equipotential bonding request

29 Jun 2008
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West Midlands
United Kingdom

Having done an EICR today, i inspected and saw that there was, off an external MET, a 10 mm main earthing conductor to a tnc-s supply to also, the cu Met (as plit load 2002 crabtree) from this, 10mm2 to nearby gas and then 2x 4mm2 sheathed earths to the water.

Testing revealed. 0.03 ohms from water pipe to MET end, with other eathing bonding conductors out off circuit.


I know all PME supplies require 10mm2 equipotential bonding, but does the reading above allow me to preclude this, other than the main earth and other items noted

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With my mpfc does allow it, but PME demands the calculation is taken away from you with 544.1.1

Now the asterix at the bottom of the page 134 quotes that the equivalent material affording equivalent conductance.

Well its 0.03 ohms, can i agree with my opinion, i need some guidance.
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sorry rob, i meant PFC or mpfc (maximumpfc at cu)

anyway, the adiabatic is not inportant, i was saying that the adiabatic satifies the existing main earthing conductor but i was interested in the Equipotential bonding or, Main protective bonding, if you will, lol
The 10mm2 minimum requirement is just that and not related to anything other than the current carrying capacity of the conductor.
In theory the supply could be issued with an improvement notice by DNO staff or even disconnected on safety/non compliance grounds (see ESCQR).

In reality either is unlikely but there is not a way around it
I would say that the current installation is code 2.

You can not have a MPB smaller than 10.0mm² on a PME supply. That bonding isn't sized purely for fault clearing. Think about network currents, and even a failed CNE conductor where the extraneous parts are connected back to the the CNE somewhere else on the network. The bonding is going to have to carry the entire installation current for sustained lengths of time.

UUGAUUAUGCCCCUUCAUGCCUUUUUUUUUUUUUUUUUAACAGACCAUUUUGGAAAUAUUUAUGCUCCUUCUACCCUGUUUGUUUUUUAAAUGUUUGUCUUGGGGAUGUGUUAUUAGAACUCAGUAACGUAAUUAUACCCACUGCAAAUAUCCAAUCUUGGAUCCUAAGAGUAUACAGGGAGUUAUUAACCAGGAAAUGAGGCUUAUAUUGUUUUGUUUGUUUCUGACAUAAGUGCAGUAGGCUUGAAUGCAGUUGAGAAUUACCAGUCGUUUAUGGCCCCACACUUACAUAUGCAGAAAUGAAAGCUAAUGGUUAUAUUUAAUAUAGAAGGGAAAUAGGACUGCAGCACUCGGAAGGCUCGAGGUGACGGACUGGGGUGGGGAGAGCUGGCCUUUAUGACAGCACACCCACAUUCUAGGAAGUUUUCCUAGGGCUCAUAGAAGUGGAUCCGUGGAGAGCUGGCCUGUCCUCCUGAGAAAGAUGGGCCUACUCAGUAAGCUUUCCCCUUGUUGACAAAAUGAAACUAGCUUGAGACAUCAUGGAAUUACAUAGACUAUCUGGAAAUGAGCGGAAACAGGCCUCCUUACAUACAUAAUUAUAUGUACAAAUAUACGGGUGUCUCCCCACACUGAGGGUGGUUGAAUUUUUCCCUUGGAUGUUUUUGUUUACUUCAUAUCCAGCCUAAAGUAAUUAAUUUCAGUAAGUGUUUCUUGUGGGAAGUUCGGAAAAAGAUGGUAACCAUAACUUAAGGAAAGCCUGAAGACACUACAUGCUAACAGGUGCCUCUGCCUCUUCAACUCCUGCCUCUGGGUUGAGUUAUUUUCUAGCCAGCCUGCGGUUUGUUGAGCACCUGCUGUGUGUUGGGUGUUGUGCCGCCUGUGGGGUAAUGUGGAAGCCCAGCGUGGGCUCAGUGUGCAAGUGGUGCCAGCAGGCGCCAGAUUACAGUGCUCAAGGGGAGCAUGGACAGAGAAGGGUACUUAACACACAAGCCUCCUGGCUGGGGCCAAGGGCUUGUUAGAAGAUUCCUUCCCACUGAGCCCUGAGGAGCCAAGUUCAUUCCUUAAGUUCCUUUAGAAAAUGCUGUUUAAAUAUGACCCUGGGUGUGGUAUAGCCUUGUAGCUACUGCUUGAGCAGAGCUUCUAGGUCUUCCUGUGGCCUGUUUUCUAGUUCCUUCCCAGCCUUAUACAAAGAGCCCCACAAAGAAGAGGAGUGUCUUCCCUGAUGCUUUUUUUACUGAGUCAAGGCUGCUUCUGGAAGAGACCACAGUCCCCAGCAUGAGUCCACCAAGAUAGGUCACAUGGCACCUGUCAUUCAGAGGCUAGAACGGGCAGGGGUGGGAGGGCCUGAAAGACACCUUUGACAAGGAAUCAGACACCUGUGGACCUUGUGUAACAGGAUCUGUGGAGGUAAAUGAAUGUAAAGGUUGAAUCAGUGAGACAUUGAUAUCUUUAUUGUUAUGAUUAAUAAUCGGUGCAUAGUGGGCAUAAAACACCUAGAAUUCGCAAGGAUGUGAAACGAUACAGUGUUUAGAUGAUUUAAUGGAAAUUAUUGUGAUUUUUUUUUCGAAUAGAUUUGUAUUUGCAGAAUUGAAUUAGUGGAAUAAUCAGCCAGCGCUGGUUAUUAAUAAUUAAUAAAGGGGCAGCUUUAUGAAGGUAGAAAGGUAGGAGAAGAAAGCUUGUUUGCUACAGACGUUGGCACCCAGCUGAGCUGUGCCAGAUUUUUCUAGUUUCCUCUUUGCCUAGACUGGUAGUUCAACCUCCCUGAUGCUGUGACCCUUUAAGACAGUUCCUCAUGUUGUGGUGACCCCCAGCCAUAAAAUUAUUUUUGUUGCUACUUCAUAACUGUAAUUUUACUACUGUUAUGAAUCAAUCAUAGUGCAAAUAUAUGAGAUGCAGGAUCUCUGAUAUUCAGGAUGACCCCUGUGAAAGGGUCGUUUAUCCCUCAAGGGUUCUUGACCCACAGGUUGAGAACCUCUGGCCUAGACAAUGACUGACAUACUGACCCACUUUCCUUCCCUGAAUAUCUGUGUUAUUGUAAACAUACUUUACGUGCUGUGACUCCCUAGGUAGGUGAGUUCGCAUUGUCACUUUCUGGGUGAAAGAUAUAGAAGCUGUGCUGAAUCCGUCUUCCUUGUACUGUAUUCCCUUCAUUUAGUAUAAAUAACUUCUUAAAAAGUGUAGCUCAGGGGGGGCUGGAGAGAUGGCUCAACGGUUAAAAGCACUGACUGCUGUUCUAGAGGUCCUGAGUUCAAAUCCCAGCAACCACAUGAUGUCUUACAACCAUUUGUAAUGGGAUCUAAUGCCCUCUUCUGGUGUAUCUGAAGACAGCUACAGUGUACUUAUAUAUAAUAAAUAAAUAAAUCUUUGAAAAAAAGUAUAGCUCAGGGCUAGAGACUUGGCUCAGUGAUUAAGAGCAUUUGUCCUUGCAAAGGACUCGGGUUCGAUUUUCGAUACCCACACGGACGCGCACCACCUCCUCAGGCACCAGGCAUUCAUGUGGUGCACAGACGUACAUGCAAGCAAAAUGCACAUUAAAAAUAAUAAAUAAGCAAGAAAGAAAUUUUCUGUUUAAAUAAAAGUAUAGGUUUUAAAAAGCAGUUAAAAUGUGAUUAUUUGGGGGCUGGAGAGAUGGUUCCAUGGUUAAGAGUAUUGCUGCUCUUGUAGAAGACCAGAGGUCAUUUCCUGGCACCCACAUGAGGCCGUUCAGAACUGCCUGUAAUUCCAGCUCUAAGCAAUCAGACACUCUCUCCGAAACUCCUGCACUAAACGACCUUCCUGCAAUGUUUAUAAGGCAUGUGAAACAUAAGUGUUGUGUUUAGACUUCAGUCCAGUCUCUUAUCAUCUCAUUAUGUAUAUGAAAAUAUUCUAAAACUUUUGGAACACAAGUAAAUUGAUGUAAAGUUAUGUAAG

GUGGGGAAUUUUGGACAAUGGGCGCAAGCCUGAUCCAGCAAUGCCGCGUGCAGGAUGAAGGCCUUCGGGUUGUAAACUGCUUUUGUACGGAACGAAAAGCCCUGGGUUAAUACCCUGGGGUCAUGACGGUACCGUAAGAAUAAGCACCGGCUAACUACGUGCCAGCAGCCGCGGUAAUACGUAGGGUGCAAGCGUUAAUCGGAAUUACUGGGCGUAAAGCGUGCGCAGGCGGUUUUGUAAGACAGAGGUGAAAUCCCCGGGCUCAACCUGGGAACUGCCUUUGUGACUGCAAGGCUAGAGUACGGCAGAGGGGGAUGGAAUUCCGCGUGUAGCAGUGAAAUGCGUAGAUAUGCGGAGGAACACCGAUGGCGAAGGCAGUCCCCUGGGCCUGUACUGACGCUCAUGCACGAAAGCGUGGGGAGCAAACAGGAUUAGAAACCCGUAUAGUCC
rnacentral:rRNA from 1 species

What the asterisk is saying is that you could for example use the steel structure of a building as your bonding conductor providing it has at least the same conductance as the required copper bond. So for example if the regs require you to bond an incomming service with a 10.0mm² copper bond, then you need to ensure your steel bond is ~90mm²* as copper is much more conductive than steel.

It isn't saying that you can use what ever size cable you like as long as it's resistance is less than 0.05Ω

* that's a guess without actually working it out
IIRC the NICEIC advise that an undersized bond is C3 unless there is signs of thermal damage apparent. though I'd probably lean to C2 as well though.
so, theoretically, i could have a piece of balsall wood as a main protective bonding conductor as long as it was <10mm2 cross sectional area and was less than .005 ohms reistancance.
No. There is a specific list of what may be used as a main protective bonding conductor, and the precautions that must be taken to ensure against their removal etc. in the regs.
so, theoretically, i could have a piece of balsall wood as a main protective bonding conductor as long as it was <10mm2 cross sectional area and was less than .005 ohms reistancance.

No. Any alternative material used as a MPB must be on the approved list and be of copper equivalence with regard to conductance.

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